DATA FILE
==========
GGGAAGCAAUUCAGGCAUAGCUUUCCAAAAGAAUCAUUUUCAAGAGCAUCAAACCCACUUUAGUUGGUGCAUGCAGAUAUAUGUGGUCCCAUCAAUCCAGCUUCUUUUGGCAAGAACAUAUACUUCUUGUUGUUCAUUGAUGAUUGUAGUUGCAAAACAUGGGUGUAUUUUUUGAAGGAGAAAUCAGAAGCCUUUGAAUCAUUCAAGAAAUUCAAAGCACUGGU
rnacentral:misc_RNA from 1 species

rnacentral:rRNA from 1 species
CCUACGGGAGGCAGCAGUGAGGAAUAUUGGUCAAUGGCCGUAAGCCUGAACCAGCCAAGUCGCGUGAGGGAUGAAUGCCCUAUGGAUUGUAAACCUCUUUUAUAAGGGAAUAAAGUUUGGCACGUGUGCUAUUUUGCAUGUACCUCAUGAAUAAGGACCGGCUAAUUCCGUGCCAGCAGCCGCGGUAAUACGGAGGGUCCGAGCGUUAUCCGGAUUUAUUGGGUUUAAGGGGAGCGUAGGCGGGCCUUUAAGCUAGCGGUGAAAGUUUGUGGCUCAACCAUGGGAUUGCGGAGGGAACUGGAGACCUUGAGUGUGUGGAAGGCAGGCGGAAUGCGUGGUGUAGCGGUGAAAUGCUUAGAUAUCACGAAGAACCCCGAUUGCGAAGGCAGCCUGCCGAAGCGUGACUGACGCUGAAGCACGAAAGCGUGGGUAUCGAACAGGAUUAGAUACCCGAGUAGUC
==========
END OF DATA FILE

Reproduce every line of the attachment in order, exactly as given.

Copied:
GGGAAGCAAUUCAGGCAUAGCUUUCCAAAAGAAUCAUUUUCAAGAGCAUCAAACCCACUUUAGUUGGUGCAUGCAGAUAUAUGUGGUCCCAUCAAUCCAGCUUCUUUUGGCAAGAACAUAUACUUCUUGUUGUUCAUUGAUGAUUGUAGUUGCAAAACAUGGGUGUAUUUUUUGAAGGAGAAAUCAGAAGCCUUUGAAUCAUUCAAGAAAUUCAAAGCACUGGU
rnacentral:misc_RNA from 1 species

rnacentral:rRNA from 1 species
CCUACGGGAGGCAGCAGUGAGGAAUAUUGGUCAAUGGCCGUAAGCCUGAACCAGCCAAGUCGCGUGAGGGAUGAAUGCCCUAUGGAUUGUAAACCUCUUUUAUAAGGGAAUAAAGUUUGGCACGUGUGCUAUUUUGCAUGUACCUCAUGAAUAAGGACCGGCUAAUUCCGUGCCAGCAGCCGCGGUAAUACGGAGGGUCCGAGCGUUAUCCGGAUUUAUUGGGUUUAAGGGGAGCGUAGGCGGGCCUUUAAGCUAGCGGUGAAAGUUUGUGGCUCAACCAUGGGAUUGCGGAGGGAACUGGAGACCUUGAGUGUGUGGAAGGCAGGCGGAAUGCGUGGUGUAGCGGUGAAAUGCUUAGAUAUCACGAAGAACCCCGAUUGCGAAGGCAGCCUGCCGAAGCGUGACUGACGCUGAAGCACGAAAGCGUGGGUAUCGAACAGGAUUAGAUACCCGAGUAGUC